Friday, August 24, 2012

Kids! Don't Try This At Home


Some writing advice is stranger than others.  The oddest useful advice I can think of is this:  Don't listen to the Guyoto Monks while writing.

The Gyoto Monks are the Dalai Lama's crack spiritual troops, best known for the fact that they can chant in chords.  Individually, I mean.  Scientists who have looked into this say that clearly what is going on is that they hold the larynx motionless at the first and second resonance points.  Then, like a plucked guitar string held motionless at those same points, the result is a chord.  Exactly how they learn to do this is a mystery because scientists and Buddhist monks simply do not speak the same language.

It is claimed -- and I believe it -- that listening to the Gyoto Monks chant raises your mind to a higher spiritual level.  Again, there's some speculation about alpha, beta, and gamma brain waves, but the explanation still eludes modern science.

The reason I believe the claim is that I used to listen to music on headphones while I wrote.  One day I put on a tape I'd just bought of the Gyoto Monks chanting and began to write.  As they chanted, I grew increasingly calm and peaceful.  And I stopped writing.

I got up and got a cup of coffee, did a couple of minor chores around the house, went back and started writing again, still listening to the monks.  I started out with a clatter of keys, slowed, stilled . . . stopped.

This happened several times.  The chanting would raise me to a higher level of consciousness in which I no longer desired to write.  Writing, it appears, is an inherently low form of consciousness.  Possibly, it may even be sinful.

I mentioned this to a writer friend and he said, "Yeah, the same thing happened to me.  Eventually, I had to throw the tape away to get any writing done at all."

Which is what I did.

The monks, most likely, would tell me that my spiritual well-being is more important than anything I might write.  But, as with the scientists, they and I simply do not speak a common language.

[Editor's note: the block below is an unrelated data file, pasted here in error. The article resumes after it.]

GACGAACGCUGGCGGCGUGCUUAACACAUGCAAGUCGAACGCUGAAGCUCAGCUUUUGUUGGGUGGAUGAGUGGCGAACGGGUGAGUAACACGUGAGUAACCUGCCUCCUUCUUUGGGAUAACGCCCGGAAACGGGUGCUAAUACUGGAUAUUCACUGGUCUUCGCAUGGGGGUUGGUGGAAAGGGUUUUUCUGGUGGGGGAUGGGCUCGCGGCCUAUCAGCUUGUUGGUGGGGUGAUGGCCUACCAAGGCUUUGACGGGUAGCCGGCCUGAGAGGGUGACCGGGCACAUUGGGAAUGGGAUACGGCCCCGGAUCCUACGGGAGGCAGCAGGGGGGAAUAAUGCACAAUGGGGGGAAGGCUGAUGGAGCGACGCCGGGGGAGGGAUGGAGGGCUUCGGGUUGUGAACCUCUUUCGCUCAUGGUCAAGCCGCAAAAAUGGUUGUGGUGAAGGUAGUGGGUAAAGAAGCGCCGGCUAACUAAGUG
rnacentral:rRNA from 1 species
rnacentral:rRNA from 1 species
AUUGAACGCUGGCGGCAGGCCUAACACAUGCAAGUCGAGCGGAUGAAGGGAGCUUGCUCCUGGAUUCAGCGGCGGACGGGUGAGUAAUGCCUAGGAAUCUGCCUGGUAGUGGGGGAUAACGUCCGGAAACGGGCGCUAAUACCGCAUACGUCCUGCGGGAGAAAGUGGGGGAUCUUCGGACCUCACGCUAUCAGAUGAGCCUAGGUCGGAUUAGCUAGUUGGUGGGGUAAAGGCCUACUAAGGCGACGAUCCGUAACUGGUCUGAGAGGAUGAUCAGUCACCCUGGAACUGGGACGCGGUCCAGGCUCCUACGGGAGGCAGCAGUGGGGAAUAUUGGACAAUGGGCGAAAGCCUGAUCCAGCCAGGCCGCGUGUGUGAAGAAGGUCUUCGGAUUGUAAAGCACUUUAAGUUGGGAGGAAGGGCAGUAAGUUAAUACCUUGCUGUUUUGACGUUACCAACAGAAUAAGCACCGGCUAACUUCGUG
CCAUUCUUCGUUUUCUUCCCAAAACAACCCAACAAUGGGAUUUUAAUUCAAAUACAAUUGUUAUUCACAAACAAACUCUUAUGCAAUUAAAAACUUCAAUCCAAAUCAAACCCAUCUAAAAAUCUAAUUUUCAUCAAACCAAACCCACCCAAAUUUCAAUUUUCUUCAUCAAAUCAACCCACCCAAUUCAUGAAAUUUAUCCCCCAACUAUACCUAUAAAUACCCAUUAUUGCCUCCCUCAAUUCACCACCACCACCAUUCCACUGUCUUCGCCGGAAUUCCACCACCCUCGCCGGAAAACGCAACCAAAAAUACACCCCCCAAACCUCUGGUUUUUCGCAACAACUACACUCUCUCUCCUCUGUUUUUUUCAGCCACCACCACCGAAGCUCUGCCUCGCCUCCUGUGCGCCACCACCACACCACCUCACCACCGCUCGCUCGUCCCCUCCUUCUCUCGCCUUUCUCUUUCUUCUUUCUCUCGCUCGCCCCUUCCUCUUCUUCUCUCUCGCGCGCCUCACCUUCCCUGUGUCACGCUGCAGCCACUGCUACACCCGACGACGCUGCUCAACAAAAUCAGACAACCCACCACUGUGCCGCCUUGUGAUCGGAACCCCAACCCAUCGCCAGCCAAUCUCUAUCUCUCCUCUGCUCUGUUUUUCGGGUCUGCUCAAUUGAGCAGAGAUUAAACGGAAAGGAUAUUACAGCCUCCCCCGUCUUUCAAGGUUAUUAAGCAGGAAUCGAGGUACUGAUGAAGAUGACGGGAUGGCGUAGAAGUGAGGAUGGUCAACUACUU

And for those of you who are big Kindle readers . . .

Somebody over on Facebook alerted me that Amazon has The Best of Michael Swanwick available in Kindle format for three bucks.  For a collection of stories that took me over a quarter-century to write, that's pretty cheap.

You can find it here.



Luke said...

It's true for the Nook on as well (I just bought a copy for the same price.)

Lindsay Harris Friel said...

Oh, no. This is like, "don't think about an elephant." Now I want to listen to the monks chanting all night long.

David Stone said...

I heard an interview with the famous voice-over artist Billy West recently in which related how he figured out how to do the voice of Popeye (which had stumped him and his friends for some time) after watching a documentary about Tuvan throat singers. Like these monks, they practice overtone singing/chanting. It's amazing how the same vocal technique can be so calming in one instance and so grating in another.

Ruzz said...

Kindle: sadly the offer is not in the UK. Bah.

Unknown said...

The Kindle version is not available elsewhere in Europe - and the Subterranean print version is listed costing € 128.50 at

Michael Swanwick said...

If I follow Subterranean's business model, it's to make beautiful books and then sell them at significant prices in small enough numbers that they're pretty much guaranteed to go up in value on the collector market.

It's interesting that the e-books appear to go in the other direction.

Chad Hull said...

I just finished that collection and loved it. The Dead was the story that struck me the most; mainly because there are so many ways in interpret 'zombies' in today's world.

Joe Stillman said...

What level of consciousness does it take to write about your level of consciousness?